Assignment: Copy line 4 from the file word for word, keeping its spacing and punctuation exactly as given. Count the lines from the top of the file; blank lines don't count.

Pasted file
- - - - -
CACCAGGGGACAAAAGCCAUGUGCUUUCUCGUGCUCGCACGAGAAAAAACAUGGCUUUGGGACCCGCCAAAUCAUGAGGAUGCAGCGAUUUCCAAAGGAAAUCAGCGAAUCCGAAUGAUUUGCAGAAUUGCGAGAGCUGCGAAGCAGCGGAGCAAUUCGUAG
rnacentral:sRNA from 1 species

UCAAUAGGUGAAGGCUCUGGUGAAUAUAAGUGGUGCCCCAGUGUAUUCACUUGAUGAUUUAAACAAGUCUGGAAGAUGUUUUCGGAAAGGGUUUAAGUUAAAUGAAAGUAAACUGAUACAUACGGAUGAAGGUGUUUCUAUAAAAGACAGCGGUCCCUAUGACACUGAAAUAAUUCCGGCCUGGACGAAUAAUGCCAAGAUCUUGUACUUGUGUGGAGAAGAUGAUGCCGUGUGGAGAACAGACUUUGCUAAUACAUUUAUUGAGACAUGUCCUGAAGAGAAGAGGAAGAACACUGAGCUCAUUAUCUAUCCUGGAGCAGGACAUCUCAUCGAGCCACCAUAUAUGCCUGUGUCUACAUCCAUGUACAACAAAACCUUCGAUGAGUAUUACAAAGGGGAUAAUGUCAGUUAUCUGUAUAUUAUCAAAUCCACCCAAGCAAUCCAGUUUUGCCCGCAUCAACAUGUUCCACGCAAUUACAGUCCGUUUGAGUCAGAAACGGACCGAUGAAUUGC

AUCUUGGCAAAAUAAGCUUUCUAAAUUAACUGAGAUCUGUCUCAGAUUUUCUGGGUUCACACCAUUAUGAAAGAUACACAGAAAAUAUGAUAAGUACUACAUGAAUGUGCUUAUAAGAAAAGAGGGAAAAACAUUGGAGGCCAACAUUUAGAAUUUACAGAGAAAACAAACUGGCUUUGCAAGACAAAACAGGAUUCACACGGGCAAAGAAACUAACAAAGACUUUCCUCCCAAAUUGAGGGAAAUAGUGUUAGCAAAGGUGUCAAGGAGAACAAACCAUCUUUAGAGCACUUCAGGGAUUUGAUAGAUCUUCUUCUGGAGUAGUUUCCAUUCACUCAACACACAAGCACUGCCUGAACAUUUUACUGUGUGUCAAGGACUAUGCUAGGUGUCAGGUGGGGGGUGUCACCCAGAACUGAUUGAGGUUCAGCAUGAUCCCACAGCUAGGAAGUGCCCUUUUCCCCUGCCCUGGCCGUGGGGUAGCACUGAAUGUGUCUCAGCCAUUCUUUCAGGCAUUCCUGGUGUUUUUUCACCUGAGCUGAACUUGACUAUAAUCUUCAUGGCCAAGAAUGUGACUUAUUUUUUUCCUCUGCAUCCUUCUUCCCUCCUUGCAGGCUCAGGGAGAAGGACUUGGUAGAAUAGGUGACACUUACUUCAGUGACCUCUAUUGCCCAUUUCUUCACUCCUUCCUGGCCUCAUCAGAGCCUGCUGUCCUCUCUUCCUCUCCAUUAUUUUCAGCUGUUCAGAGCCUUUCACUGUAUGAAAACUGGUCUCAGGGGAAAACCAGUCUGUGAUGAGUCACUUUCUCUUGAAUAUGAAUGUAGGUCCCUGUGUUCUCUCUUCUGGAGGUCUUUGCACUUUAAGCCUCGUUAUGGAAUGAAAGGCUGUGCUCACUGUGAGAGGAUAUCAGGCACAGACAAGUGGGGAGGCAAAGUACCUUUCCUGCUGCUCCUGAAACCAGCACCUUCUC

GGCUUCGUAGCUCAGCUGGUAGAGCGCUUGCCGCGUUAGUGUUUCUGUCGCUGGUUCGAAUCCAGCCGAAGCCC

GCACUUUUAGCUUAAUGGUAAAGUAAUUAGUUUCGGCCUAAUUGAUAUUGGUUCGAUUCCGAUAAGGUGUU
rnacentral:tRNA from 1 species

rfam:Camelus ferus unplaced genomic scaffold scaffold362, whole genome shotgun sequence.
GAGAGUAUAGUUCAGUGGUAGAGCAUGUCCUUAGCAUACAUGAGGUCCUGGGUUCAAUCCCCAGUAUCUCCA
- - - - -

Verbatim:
AUCUUGGCAAAAUAAGCUUUCUAAAUUAACUGAGAUCUGUCUCAGAUUUUCUGGGUUCACACCAUUAUGAAAGAUACACAGAAAAUAUGAUAAGUACUACAUGAAUGUGCUUAUAAGAAAAGAGGGAAAAACAUUGGAGGCCAACAUUUAGAAUUUACAGAGAAAACAAACUGGCUUUGCAAGACAAAACAGGAUUCACACGGGCAAAGAAACUAACAAAGACUUUCCUCCCAAAUUGAGGGAAAUAGUGUUAGCAAAGGUGUCAAGGAGAACAAACCAUCUUUAGAGCACUUCAGGGAUUUGAUAGAUCUUCUUCUGGAGUAGUUUCCAUUCACUCAACACACAAGCACUGCCUGAACAUUUUACUGUGUGUCAAGGACUAUGCUAGGUGUCAGGUGGGGGGUGUCACCCAGAACUGAUUGAGGUUCAGCAUGAUCCCACAGCUAGGAAGUGCCCUUUUCCCCUGCCCUGGCCGUGGGGUAGCACUGAAUGUGUCUCAGCCAUUCUUUCAGGCAUUCCUGGUGUUUUUUCACCUGAGCUGAACUUGACUAUAAUCUUCAUGGCCAAGAAUGUGACUUAUUUUUUUCCUCUGCAUCCUUCUUCCCUCCUUGCAGGCUCAGGGAGAAGGACUUGGUAGAAUAGGUGACACUUACUUCAGUGACCUCUAUUGCCCAUUUCUUCACUCCUUCCUGGCCUCAUCAGAGCCUGCUGUCCUCUCUUCCUCUCCAUUAUUUUCAGCUGUUCAGAGCCUUUCACUGUAUGAAAACUGGUCUCAGGGGAAAACCAGUCUGUGAUGAGUCACUUUCUCUUGAAUAUGAAUGUAGGUCCCUGUGUUCUCUCUUCUGGAGGUCUUUGCACUUUAAGCCUCGUUAUGGAAUGAAAGGCUGUGCUCACUGUGAGAGGAUAUCAGGCACAGACAAGUGGGGAGGCAAAGUACCUUUCCUGCUGCUCCUGAAACCAGCACCUUCUC